Thousands of migrants left homeless by the Moria blaze have been sleeping rough alongside a two-kilometre strech of road north of Mytilene, the capital of Lesbos - All photos by Mehdi Chebil
Thousands of migrants left homeless by the Moria blaze have been sleeping rough alongside a two-kilometre strech of road north of Mytilene, the capital of Lesbos - All photos by Mehdi Chebil

One week after flames swept through the Moria migrant camp, thousands of people from Afghanistan, the Middle East and Africa are still living alongside a stretch of road on the island of Lesbos. They sleep rough in makeshift shelters and have very limited access to food and water supplies. InfoMigrants reports.

It's been one week since blazes razed Europe's largest refugee camp on the Greek island of Lesbos, and thousands of migrants remain stranded without proper shelter on a coastal road. The country's migration ministry on Tuesday said that only 800 out of nearly 13,000 migrants accepted to enter a new tent camp erected on a former military shooting range north of Mytilene, the island's capital. InfoMigrants visited the coastal road to see the conditions asylum seekers are facing.

1. Queueing for hours for food donation    Photo Mehdi Chebil for InfoMigrantsA large number of migrants head towards a food distribution spot. The beginning of a queue extends several hundred metres. One week after the Moria blaze, food supplies are still limited. A few migrants with the authorization to enter the nearby port of Mytilene can bring back spaghetti, rice, and drinks bought in shops. Most must wait for hours under the hot sun to get free food.

2. Bottle-feeding babies with limited water supplies    Photo Mehdi Chebil for InfoMigrantsZahra, an Afghan woman bottle-feeds her baby. The two infants in this picture are aged 5 and 7 months. Bottle-feeding is especially complicated because migrants have no easy access to clean water supplies. In a statement after the blaze, UNICEF said there were more than 4,000 children in the Moria camp. A large number of them are still living on the streets.

3., 4. Showering in the sea       Photo Mehdi Chebil for InfoMigrantsMigrants have no access to sanitation or showers. They go to a small beach behind the road where they clean themselves in the sea. For children, it's also an opportunity to play and forget the tight coronavirus lockdown that prevented Moria migrants from leaving the old camp.    Photo Mehdi Chebil for InfoMigrantsAzim cleans his three-year old son Mustafa in the sea. The Afghan father of four keeps a bottle of fresh water to rinse his son afterwards.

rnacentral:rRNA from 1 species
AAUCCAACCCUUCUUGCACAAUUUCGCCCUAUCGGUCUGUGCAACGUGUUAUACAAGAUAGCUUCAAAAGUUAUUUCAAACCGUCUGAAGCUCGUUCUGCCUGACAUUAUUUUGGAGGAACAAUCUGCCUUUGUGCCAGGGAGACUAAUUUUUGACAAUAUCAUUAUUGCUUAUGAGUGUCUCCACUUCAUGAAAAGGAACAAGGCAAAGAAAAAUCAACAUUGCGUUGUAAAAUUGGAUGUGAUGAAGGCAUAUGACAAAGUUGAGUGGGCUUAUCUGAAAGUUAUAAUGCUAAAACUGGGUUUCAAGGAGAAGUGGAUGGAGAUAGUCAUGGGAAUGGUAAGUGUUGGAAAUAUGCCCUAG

5. Fresh water from irrigation pipes    Photo Mehdi Chebil for InfoMigrantsNo water taps have been made available to the thousands of migrants left homeless by the blaze. Their main way to get fresh water is to puncture agricultural pipes leading to olive groves above the road. 

6.  Overflowing garbage bins    Photo Mehdi Chebil for InfoMigrantsPiles of trash have been accumulating for a week. The road is blocked on both sides by Greek riot police and it appears that no garbage trucks made it into the informal camp. 

7., 8. An open-air children's playground    Photo Mehdi Chebil for InfoMigrantsAfghan children play hopscotch in front of their parents' makeshift shelters on a supermarket parking lot.

    Photo Mehdi Chebil for InfoMigrantsA little Afghan girl holds a Congolese child in her arms. Most adults stay with people from their own community -- Afghans with Afghans, Africans with Africans, etc. -- but children from various backgrounds can sometimes be seen playing together.

9., 10. Homeless and hungry in front of shelves packed with food    Photo Mehdi Chebil for InfoMigrantsA group of migrants prepare to sleep in front of a Lidl supermaket whose store shelves packed with food and drinks can clearly be seen as the shop keeps its lights on.

    Photo Mehdi Chebil for InfoMigrantsAfghan migrants start a fire for their evening meal and tea.

11. Bamboo poles and blankets    Photo Mehdi Chebil for InfoMigrantsOne week after the blaze, there are still not enough tents nor sleeping bags. Migrants sleep in makeshift tents they erected with bamboo poles and blankets.


 

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